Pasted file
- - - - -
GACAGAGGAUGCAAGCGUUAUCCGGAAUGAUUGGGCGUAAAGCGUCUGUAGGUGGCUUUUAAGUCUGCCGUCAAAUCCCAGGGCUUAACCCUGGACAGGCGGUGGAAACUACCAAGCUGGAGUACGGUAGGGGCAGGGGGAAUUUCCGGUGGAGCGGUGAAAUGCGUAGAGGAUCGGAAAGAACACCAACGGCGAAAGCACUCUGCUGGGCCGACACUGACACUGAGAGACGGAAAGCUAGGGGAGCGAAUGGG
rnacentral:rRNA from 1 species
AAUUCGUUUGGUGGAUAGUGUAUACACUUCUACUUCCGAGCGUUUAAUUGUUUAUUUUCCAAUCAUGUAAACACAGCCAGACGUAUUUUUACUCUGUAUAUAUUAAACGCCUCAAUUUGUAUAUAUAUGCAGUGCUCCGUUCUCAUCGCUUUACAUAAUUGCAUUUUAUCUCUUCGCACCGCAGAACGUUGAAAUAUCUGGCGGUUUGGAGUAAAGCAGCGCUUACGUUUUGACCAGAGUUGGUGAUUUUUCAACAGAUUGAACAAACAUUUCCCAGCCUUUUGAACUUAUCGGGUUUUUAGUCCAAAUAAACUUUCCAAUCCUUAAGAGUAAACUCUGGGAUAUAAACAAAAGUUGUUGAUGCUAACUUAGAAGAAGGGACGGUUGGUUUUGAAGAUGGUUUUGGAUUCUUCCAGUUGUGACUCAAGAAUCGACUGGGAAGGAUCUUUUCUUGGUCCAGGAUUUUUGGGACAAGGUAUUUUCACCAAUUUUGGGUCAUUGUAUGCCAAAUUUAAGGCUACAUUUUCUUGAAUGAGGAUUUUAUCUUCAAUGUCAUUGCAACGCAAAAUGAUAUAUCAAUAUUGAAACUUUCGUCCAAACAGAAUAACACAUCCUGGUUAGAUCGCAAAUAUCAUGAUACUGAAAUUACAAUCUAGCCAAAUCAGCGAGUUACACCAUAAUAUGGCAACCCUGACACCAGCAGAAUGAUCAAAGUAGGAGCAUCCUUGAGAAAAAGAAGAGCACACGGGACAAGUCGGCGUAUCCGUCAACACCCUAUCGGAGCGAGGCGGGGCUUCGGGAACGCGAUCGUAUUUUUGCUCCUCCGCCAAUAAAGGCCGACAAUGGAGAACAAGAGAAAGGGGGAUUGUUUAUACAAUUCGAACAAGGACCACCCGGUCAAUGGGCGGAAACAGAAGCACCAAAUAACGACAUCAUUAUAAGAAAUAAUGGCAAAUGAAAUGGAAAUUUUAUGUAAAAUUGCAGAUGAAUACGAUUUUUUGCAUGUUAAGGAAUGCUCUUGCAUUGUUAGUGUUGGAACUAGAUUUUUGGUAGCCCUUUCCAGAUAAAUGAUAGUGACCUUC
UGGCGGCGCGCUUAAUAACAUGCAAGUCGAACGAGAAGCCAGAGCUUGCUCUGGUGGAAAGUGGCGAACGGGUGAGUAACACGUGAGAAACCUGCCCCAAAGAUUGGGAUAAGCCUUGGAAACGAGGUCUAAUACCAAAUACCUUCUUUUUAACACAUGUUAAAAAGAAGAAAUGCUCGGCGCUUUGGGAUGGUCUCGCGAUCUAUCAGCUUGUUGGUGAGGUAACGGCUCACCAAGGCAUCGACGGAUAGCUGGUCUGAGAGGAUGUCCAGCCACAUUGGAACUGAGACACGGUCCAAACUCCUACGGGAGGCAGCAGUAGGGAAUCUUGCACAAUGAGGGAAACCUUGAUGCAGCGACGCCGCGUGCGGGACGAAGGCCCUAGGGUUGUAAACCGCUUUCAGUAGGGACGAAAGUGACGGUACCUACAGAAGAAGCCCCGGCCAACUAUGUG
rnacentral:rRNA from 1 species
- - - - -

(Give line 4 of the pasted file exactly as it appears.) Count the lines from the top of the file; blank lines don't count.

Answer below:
UGGCGGCGCGCUUAAUAACAUGCAAGUCGAACGAGAAGCCAGAGCUUGCUCUGGUGGAAAGUGGCGAACGGGUGAGUAACACGUGAGAAACCUGCCCCAAAGAUUGGGAUAAGCCUUGGAAACGAGGUCUAAUACCAAAUACCUUCUUUUUAACACAUGUUAAAAAGAAGAAAUGCUCGGCGCUUUGGGAUGGUCUCGCGAUCUAUCAGCUUGUUGGUGAGGUAACGGCUCACCAAGGCAUCGACGGAUAGCUGGUCUGAGAGGAUGUCCAGCCACAUUGGAACUGAGACACGGUCCAAACUCCUACGGGAGGCAGCAGUAGGGAAUCUUGCACAAUGAGGGAAACCUUGAUGCAGCGACGCCGCGUGCGGGACGAAGGCCCUAGGGUUGUAAACCGCUUUCAGUAGGGACGAAAGUGACGGUACCUACAGAAGAAGCCCCGGCCAACUAUGUG